St. Petersburg, 11 June 1997 (RFE/RL) -- St. Petersburg Governor Vladimir Yakovlev looked like a man with a new lease on life. Flanked by his two young economic advisers Finance Committee Chairman Igor Artyemev and City Property Committee Chairman Mikhail Manevich Yakovlev faced the press on Monday with confidence for the first time since the heady early days of his administration.
Indeed after a rough several months, the governor finally has reasons to smile. On Thursday, the St. Petersburg Municipal Court struck down as illegal a communist sponsored no-confidence referendum on Yakovlev's rule. Also on Thursday, St. Petersburg returned to world financial markets with a fully subscribed Eurobond float that gained the city $ 300 million to finance part of its internal debt.
And to top it all off, Saturday, Inkombank announced that it will help St. Petersburg to attract up to $ 1 billion dollars in loans for programs related to the city's planned 300th anniversary celebrations in 2003.
Yakovlev had called the press conference to announce the city's successful Eurobond float. With him were Artyemev and Manevich, who had just returned from a trip to Europe, Asia and America to drum up support for foreign investment. The $ 300 million raised on the Eurobond issue will be used to re-finance the city's $ 500 million internal debt at longer maturity and lower cost. Servicing that debt ate up 31 percent of expenditures in the city's 1997 budget and re-financing it will free up considerable funds.
"Next year we will be able to use budget funds (spent on servicing the debt) on other problems," said Yakovlev, adding that in the 1998 budget spending on culture and education will be doubled.
Yakovlev even confidently took on the issue that has dogged him for most of this year, housing and communal service reform. Since his decision February to double apartment rents and service charges, Yakovlev has been a man under siege -- noisy communist street demonstrations were followed by a signature-gathering drive to force a no-confidence referendum in the governor's rule.
Although the reforms have been endorsed nationally by President Boris Yeltsin and some of Yeltsin's key officials, housing reform a la Yakovlev has been widely criticized as being clumsily implemented. Adding to the gloom in the Yakovlev camp were rumours that Yeltsin wanted him out and would force his resignation.
But that didn't happen, and now, with the specter of a no-confidence vote fading fast, Yakovlev took on the housing issue with gusto. "In St. Petersburg we don't play with populist politics," he told the journalists in an apparent reference to Moscow Mayor Yury Luzhkov's resistance to the reforms. "We work on concrete problems."
"Spending money on social problems is normal, this is done all over the world," said Manevich. "Spending money on housing subsidies for everybody is not." "The rich should pay, the poor should not," he said.
Last week's successful Eurobond issue was a major breakthrough for St. Petersburg. After the the extent of the international support became clear, Yakovlev last week termed the event historic, saying it reflected the government of St. Petersburg's commitment to market transformation in Russia. He said the bond issue was indicative of the policy of the city administration as a leader in the economic reforms of Russia.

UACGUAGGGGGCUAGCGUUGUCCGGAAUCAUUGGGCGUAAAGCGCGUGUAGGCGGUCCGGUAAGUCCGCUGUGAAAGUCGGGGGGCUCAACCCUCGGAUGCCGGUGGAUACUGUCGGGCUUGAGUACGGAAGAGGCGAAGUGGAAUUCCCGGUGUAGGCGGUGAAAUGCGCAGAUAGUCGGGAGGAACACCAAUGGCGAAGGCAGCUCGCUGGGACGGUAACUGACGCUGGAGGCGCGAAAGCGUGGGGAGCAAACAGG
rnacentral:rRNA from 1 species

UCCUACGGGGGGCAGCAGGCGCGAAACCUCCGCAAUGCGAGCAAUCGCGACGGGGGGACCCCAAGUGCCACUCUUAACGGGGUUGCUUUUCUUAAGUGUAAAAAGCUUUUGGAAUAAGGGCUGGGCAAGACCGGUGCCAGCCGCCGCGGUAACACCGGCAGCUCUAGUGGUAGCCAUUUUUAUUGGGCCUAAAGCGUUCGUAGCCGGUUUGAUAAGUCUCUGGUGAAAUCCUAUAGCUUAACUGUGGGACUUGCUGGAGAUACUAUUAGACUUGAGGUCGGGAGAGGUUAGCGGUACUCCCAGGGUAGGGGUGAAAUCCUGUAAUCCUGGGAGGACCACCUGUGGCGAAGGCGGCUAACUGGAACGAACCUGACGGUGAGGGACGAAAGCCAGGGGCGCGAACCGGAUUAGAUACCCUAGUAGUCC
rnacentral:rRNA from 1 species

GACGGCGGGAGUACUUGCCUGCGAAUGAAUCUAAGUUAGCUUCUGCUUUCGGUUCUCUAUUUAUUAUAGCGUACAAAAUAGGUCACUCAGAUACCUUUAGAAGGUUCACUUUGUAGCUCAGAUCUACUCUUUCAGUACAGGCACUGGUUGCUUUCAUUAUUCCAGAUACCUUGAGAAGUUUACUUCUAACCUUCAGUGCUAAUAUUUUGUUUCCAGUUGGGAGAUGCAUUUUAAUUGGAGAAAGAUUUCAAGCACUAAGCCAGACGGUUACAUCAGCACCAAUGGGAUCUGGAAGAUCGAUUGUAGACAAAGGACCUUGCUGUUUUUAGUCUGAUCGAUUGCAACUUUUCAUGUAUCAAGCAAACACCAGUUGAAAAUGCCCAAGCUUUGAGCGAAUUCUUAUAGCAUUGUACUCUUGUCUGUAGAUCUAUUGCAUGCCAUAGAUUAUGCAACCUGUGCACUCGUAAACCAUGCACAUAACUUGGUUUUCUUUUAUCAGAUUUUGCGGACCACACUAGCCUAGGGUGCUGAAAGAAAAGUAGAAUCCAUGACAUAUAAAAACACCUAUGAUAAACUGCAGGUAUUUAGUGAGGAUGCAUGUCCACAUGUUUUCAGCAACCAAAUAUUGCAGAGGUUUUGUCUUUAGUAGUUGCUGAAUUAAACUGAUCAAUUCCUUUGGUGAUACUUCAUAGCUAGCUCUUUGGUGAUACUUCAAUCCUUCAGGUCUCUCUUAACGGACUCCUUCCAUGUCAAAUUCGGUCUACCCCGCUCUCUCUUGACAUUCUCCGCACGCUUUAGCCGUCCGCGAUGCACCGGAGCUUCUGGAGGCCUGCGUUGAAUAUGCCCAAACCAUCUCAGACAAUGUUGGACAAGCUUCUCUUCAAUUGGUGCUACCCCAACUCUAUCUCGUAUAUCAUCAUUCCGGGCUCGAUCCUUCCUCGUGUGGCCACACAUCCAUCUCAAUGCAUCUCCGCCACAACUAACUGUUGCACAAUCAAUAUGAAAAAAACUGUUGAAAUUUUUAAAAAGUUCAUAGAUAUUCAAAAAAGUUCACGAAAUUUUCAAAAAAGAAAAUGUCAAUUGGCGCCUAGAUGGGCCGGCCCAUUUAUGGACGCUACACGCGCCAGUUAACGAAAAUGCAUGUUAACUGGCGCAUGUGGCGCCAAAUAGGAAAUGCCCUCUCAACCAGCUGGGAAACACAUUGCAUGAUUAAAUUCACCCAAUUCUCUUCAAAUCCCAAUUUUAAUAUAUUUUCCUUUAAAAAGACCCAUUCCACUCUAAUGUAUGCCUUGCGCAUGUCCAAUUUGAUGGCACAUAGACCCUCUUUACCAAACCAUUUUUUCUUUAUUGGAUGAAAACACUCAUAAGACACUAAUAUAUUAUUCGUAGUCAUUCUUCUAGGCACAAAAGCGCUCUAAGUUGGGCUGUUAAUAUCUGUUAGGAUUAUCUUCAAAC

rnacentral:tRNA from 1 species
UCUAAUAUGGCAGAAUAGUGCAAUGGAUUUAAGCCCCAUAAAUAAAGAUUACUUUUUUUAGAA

"There was a broad range of demand throughout Europe, the U.S. and Asia," said a London-based market source speaking on condition of anonymity. "The city's careful preparation has paid off."
St. Petersburg's successful Eurobond issue follows on the heels of an over-subscribed bond issue by Moscow late last month which brought the capital $ 500 million. "The interest in St. Petersburg's bond was at least as high as in Moscow's," the London source said. He also termed the launch "historic" and said the bond's performance a sign of "international recognition of Russia's commitment to reform."
Local politicians have said throughout the Eurobond process that raising $ 300 million on the international market would be a giant step toward financial health for the city. "The city will not only be able to restructure its debt, but it will also be able to finance some city projects," said Sergei Mironov, deputy speaker of the Legislative Assembly. "This will be the start of normal budgetary administration."
When Yakovlev came to office a year ago, his administration inherited a 2.5 trillion ruble debt -- some $ 500 million at the time. Earlier this year, the city received credit ratings of BB minus by Standard and Poor's and a BB plus rating from IBCA, both of which were constrained by the sovereign ceiling of the Russian Federation. According to Standard and Poor's and IBCA's regulations, no city in Russia can be given a higher credit rating than the country as a whole. In general, Russia's return to the international bond market has been highly successful starting with the November issue of five-year Russian bonds which were snapped up by investors to the tune of $ 1 billion, far better than even the most optimistic projections had held. That bond issue marked Russia's return to the international markets for the first time since the Bolshevik Revolution of 1917.
In March, Russia followed up on that success with a second Deutsche
Mark denominated Eurobond issue that netted DM 2,000 million ($ 1.2 billion ). The next city in line on Russia's Eurobond parade is First Deputy Prime Minister Boris Nemtsov's hometown Nizhny Novgorod which plans to issue its bond later this month.